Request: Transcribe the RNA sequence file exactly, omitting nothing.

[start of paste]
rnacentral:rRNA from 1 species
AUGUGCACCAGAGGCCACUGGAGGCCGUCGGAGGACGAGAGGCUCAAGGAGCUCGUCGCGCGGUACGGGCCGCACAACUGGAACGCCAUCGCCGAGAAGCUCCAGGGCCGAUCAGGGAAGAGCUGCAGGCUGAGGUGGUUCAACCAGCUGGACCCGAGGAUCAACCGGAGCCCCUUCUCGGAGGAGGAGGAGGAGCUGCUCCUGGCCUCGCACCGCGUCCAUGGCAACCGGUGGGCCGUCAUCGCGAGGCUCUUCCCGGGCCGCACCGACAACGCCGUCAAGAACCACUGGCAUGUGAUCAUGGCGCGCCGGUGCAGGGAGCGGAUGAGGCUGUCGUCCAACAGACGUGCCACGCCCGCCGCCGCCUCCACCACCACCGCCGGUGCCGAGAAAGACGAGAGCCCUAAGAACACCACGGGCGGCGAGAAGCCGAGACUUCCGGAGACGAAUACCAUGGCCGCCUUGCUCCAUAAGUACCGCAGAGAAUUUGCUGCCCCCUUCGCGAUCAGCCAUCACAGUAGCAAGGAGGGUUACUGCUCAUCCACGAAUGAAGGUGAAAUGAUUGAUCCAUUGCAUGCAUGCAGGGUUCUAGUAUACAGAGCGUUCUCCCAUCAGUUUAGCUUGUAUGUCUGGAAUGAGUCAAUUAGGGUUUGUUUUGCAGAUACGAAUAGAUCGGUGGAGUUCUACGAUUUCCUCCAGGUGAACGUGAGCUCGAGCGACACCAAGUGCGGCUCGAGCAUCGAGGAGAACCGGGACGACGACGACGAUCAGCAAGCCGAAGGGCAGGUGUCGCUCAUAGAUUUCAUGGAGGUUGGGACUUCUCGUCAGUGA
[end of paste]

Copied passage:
rnacentral:rRNA from 1 species
AUGUGCACCAGAGGCCACUGGAGGCCGUCGGAGGACGAGAGGCUCAAGGAGCUCGUCGCGCGGUACGGGCCGCACAACUGGAACGCCAUCGCCGAGAAGCUCCAGGGCCGAUCAGGGAAGAGCUGCAGGCUGAGGUGGUUCAACCAGCUGGACCCGAGGAUCAACCGGAGCCCCUUCUCGGAGGAGGAGGAGGAGCUGCUCCUGGCCUCGCACCGCGUCCAUGGCAACCGGUGGGCCGUCAUCGCGAGGCUCUUCCCGGGCCGCACCGACAACGCCGUCAAGAACCACUGGCAUGUGAUCAUGGCGCGCCGGUGCAGGGAGCGGAUGAGGCUGUCGUCCAACAGACGUGCCACGCCCGCCGCCGCCUCCACCACCACCGCCGGUGCCGAGAAAGACGAGAGCCCUAAGAACACCACGGGCGGCGAGAAGCCGAGACUUCCGGAGACGAAUACCAUGGCCGCCUUGCUCCAUAAGUACCGCAGAGAAUUUGCUGCCCCCUUCGCGAUCAGCCAUCACAGUAGCAAGGAGGGUUACUGCUCAUCCACGAAUGAAGGUGAAAUGAUUGAUCCAUUGCAUGCAUGCAGGGUUCUAGUAUACAGAGCGUUCUCCCAUCAGUUUAGCUUGUAUGUCUGGAAUGAGUCAAUUAGGGUUUGUUUUGCAGAUACGAAUAGAUCGGUGGAGUUCUACGAUUUCCUCCAGGUGAACGUGAGCUCGAGCGACACCAAGUGCGGCUCGAGCAUCGAGGAGAACCGGGACGACGACGACGAUCAGCAAGCCGAAGGGCAGGUGUCGCUCAUAGAUUUCAUGGAGGUUGGGACUUCUCGUCAGUGA